Wow, 15 days without a post. It’s been a slow couple of weeks, news-wise, and I’ve been distracted by off-line problems; sorry about that.
Of course the TV has finally shipped, there’s been tons of reports about it, and Apple’s stock price even got a good boost from that. Still, it’s a device I find it hard to comment upon, either positively or negatively. I rarely watch TV or even DVDs, our TV is an old model that has none of these new-fangled inputs or features (I think), and even if the device were available here I’m not in the target market. What does seem slightly interesting is that it apparently runs Mac OS X (not the “lite” OS X many expected), and therefore some people have already twiddled it to install additional video codecs.
Other than that, I’ve just read an excellent piece by former Apple manager John Martellaro, essentially arguing that Apple has first-class engineers and designers and doesn’t (at least not nowadays) do anything dumb, although it may look like it from the outside standpoint:
What I’ve noticed is that there is hardly a single writer, including myself, who has complete insight into Apple’s reasoning and design decision for a product.
…when you get a lot of smart people together in an Apple conference room, and let them fight it out, good things happen. One person will invariably have insight and hindsight that’s lacking in the others. By the time the dust clears, and a lot of scribbling has been done on the white board, a pretty good solution will have been worked out. Gotchas will be discovered and diagnosed. Experience with the customer, intimate knowledge of Mac OS X internals, and next generation technologies coming down the road will lead to sound engineering judgment from the group.
…Just remember, no matter how experienced any one writer is, they can seldom out-think a corporation as good as Apple.
Indeed. There are many young pundits, journalists and developers out there that are way too eager to jump on the “Apple is obviously brain-dead” bandwagon – of course “young”, nowadays, describes almost everyone from my viewpoint . In contrast, I think that, today, most questionable decisions from Apple can be blamed on limited human resources. Doing insanely great stuff takes time and needs first-class people.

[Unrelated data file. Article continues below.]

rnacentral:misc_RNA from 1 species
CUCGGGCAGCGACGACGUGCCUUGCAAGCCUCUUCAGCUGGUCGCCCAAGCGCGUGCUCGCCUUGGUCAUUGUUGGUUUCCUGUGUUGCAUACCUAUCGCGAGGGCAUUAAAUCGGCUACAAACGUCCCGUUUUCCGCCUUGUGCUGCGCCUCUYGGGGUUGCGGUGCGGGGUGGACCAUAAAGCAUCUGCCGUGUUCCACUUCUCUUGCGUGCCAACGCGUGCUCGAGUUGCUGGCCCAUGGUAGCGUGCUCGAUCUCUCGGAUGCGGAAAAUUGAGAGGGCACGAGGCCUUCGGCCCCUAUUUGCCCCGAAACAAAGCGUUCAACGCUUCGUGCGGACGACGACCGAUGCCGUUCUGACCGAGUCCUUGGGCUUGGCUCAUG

Another never-ending discussion is the Leopard shipping date. I stiil agree with Ars Technica’s Jacqui Cheng that Leopard should ship at WWDC. However, people have been picking up a rumor that Apple is delaying Leopard by several months to (supposedly) get Macs to boot Vista. Huh? This completely illogical reasoning is aptly skewered by Daniel Eran at RoughlyDrafted:
Apple didn’t exactly scramble to get iTunes working on Vista, and iTunes is an important part of Apple’s business. That being the case, will Apple hold up the release of Leopard for months in order to support Vista in Boot Camp, a product that Apple makes no money in providing?
The story is so absurd on so many levels that it’s hard to find a place to start pointing out why it’s so stupid.
It really is very strange. Apple says they will ship in spring (these local seasonal references are really obsolete in a global context, but that’s another rant). Spring in Cupertino goes until a week or so after WWDC, people tell me. Even so, people who have not seen anything of Leopard beyond some leaked screenshots wrote excitedly about a MacWorld release, then about a March release, then when their wild predictions aren’t confirmed start to moan that “Apple’s been having trouble getting Leopard out” and now, even, that “Leopard had reportedly been delayed until October”. I really hope that Apple will show more details before WWDC, but I won’t be too surprised if they don’t.